Effective networking: Are you wasting your time?
“If you can’t explain it simply, you don’t understand it well enough”
- Albert Einstein
Networking is most effective when you have a simple and memorable message based on hard work you did in advance.
Do you ever get tired of being told by career types like me to network, network and network? Everyone knows it’s important, yet few people do it. Networking can be quite intimidating when you don’t know what to do. It is even worse when you make an effort and end up feeling you have wasted your time.
Recruiters are very popular to people in networking mode. My colleagues and I all discuss the value of these meetings, yet I often hear people saying they are a waste of time. As usual I am not short on opinions.
The key to effective networking is the exchange of information in as simple and memorable a way as possible. As much as I have enjoyed meeting many impressive job seekers over my career, there have been times where I was not putting myself in a strong enough position to help. I regret not taking a more methodical approach from the beginning. While I want to help everyone (mostly), as time passes it is difficult to differentiate people with similar qualifications. One person merges into the next.
In my defense, people have a natural tendency to leave things as open as possible when talking about future career opportunities. They use phrases like “I can do anything” or “I would be interested in anything”. Broad statements and messages don’t make you stand out. They make you harder to remember. Employers look for perfect fits, not one size fits all solutions.
I eventually came upon a system to help me become a better networker. I began deducing three key pieces of information from every conversation:
What do you do?
- If you remove the ego from this question, it should be easy to state, in one sentence, what happens as a result of your work. Do you: Build bridges? Sell ERP software? Recruit for professional services firms? No matter how simple, this is the first thing people need to know.
Why are you different?
- While you can never really remove the ego from this question, the idea here is not to say why you are better than everyone (you are almost certainly not), but to help me understand the situations where you are the best solution. If you do this in one sentence, I am more likely to remember. Most people are not good at telling me this.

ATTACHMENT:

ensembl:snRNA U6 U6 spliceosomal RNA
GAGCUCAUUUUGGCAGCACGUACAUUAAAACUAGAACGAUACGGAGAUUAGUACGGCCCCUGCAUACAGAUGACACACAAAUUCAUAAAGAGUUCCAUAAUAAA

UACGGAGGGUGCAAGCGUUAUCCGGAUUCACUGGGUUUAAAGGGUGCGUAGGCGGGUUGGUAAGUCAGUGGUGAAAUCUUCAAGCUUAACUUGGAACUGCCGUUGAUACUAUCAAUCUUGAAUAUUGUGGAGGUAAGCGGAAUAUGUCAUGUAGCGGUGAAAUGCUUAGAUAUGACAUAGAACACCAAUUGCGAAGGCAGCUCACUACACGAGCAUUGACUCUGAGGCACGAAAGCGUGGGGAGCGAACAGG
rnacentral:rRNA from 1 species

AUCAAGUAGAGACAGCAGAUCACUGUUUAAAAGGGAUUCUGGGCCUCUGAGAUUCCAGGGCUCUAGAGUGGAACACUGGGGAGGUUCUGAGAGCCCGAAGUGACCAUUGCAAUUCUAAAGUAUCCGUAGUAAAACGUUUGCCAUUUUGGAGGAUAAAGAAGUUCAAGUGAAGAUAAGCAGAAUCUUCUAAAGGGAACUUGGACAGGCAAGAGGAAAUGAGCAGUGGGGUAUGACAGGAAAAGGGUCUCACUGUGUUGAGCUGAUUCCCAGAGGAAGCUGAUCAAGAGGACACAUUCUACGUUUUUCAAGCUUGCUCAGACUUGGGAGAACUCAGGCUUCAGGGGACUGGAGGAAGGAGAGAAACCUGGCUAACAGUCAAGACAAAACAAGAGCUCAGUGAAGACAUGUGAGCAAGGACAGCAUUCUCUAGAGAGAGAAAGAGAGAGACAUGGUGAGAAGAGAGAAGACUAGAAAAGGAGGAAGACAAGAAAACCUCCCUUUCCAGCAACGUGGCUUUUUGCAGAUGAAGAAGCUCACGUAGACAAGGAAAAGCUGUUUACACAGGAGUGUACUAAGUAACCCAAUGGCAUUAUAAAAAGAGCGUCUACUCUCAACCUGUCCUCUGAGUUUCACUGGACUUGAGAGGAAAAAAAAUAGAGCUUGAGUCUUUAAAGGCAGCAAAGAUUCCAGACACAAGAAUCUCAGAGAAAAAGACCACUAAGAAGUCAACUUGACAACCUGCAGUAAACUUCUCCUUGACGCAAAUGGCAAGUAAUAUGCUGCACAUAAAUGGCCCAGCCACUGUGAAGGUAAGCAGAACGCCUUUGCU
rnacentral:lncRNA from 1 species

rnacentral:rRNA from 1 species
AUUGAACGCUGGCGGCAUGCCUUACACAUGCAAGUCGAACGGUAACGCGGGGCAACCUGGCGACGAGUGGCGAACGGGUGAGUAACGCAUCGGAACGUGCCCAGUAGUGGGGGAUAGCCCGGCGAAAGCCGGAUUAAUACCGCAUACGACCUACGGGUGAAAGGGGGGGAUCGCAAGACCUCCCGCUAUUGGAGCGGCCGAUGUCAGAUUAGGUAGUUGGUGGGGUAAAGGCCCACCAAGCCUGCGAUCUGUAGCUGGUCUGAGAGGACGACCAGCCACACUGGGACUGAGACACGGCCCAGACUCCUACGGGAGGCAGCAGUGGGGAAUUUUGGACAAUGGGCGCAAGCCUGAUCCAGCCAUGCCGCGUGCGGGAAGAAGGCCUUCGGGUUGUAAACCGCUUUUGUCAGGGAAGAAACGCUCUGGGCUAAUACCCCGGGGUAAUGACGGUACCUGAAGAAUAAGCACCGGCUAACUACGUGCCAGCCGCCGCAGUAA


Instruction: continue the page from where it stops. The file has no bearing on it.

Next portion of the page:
What would you like to do more of?
- There it is. I can’t help if you don’t effectively tell me what you want. This is where your efforts either pay off or don’t.
Recently I have become more dogmatic about this philosophy. With age and wisdom (and various associated crippling fears) I no longer feel qualified to deduce such key points, but I am more comfortable asking people direct questions. For the people I can potentially help, this has been surprisingly effective. People who know themselves well enough to answer concisely and memorably help me to both categorize and differentiate them in a way that I can pass on to others. It is easier for me to identify who to send information to and how to frame it. The resulting introductions are more pointed and more meaningful.
Of course networking is a two way street. Great networkers always ask me the same questions I ask of them. Naturally, upon coming up with such a direct three question system, I thought I better get my own answers ready.
What a remarkable experience that was. I not only learned more about myself and what I wanted from my career, I gained a healthy respect for how difficult these questions are to answer.
Having been humbled by the process myself, I better understand why networking is difficult for so many. How can people be focused and clear in networking meetings when they haven’t taken the time to ask and answer difficult questions about their own career goals and career identities? Until that information is nailed down, how much can you hope to gain?
I urge you to try this three question/three sentence experiment:
In one sentence, what do you do?
In one sentence, how are you different?
Finally, in one sentence, what do you want to do more of?
It is equally important to get the same information from the person you are networking with.
I recently spoke to a professional about an opportunity I was working on. She was not interested, but as luck would have it she was a proficient networker. She remembered a conversation months back with a qualified person who happened to be perfect. (To be clear, many others who were qualified were not perfect.) This is an example of the real potential of networking at work. It moves past one conversation and travels on its own. If it is simple and memorable enough, it will do the work for you.